Our ongoing examination of the local media’s burst water main obsession has now made the leap to charts!

The following graphs – based on SA Water data – plot the number of bursts against the number of media stories and inquiries to the SA Water media team.

As you can see, there’s barely any correlation between the number of bursts and the number of stories and media inquiries so far this year. In fact, the peak of stories this year came in a month when water main bursts actually fell in comparison to the previous year.

Comparing the period from January to May in 2015 and 2016, we can see there have been 20 more bursts and leaks in Adelaide this year – that’s an average increase of four each month (hardly an epidemic).

By contrast, SA Water says the number of media inquiries it has received about burst water mains over the same period has increased exponentially – from 48 in 2015 to 215 this year.

And yes, I realise the irony that this column’s obsession with the media’s obsession has added to the figures, so we’ll swear off bursts and leak stories – at least for this season.

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Screen Shot 2016-06-03 at 7.17.30 am

Top of the class

This week’s winner comes with a caveat, and without much joy. New York Times op-ed writer Roger Cohen, who focuses on international affairs and diplomacy, has cast his experienced eye on Australia.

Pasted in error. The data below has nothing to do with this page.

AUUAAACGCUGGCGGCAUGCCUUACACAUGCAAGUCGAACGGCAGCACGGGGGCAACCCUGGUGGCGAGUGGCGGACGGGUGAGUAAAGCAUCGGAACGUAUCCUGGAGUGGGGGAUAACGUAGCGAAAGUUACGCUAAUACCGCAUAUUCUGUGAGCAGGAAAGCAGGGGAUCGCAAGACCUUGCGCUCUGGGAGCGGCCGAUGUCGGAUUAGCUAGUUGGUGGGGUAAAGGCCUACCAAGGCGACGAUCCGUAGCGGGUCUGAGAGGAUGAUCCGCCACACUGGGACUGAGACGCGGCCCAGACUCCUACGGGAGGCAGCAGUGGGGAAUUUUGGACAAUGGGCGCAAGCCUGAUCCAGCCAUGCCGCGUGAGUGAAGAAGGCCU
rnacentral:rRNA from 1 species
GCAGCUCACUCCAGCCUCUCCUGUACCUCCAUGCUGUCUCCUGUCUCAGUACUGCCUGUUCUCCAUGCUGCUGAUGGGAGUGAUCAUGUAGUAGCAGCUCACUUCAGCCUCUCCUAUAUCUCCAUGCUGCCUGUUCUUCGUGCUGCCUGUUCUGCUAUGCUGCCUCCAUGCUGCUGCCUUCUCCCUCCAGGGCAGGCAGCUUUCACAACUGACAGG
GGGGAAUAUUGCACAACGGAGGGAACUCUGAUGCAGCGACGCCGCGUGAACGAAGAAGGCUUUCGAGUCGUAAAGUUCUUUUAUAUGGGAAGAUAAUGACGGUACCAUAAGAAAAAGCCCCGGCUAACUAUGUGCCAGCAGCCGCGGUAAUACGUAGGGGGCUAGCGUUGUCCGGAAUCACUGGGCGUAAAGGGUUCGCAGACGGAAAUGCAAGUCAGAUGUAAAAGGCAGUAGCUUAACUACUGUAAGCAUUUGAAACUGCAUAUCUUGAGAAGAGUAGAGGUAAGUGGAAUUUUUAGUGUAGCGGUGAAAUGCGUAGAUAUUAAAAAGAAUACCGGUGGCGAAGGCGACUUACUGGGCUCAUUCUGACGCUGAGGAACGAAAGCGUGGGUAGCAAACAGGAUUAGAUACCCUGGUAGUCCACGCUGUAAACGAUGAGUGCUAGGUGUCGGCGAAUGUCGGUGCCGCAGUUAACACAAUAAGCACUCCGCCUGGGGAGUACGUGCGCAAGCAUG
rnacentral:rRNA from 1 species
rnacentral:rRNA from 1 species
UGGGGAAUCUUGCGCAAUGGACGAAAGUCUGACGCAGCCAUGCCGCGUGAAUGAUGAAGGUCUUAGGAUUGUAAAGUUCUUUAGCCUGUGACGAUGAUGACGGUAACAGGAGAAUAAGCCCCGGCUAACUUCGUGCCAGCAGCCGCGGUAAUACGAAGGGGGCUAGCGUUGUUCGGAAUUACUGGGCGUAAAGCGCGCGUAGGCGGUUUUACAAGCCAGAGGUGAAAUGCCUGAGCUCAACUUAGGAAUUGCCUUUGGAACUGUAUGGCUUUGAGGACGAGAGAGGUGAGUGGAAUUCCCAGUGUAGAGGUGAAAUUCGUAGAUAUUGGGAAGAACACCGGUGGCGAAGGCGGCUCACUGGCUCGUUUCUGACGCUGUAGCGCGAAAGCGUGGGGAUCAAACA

In a piece titled “Australia Does Anxiety”, the latest in a series covering local topics such as the Great Barrier Reef and our asylum-seeker policy, Cohen asks if we are ripe for the “politics of anger” sweeping the world, questioning whether “some of the angst endemic to the developed world, with its lost manufacturing jobs and squeezed opportunities, has seeped of late into the irreverent Australian psyche”. Read it here.

Closer to home, InDaily’s own Bension Siebert, who on Saturday was named Young Journalist of the Year at the SA Media Awards, has forensically examined a massive local government streetlight tender. From “nothing to see here” on Monday, it has moved swiftly to the councils in question deciding on an independent assessment, to the Ombudsman asking questions.

David Washington is editor of InDaily. Media Week is published on Fridays.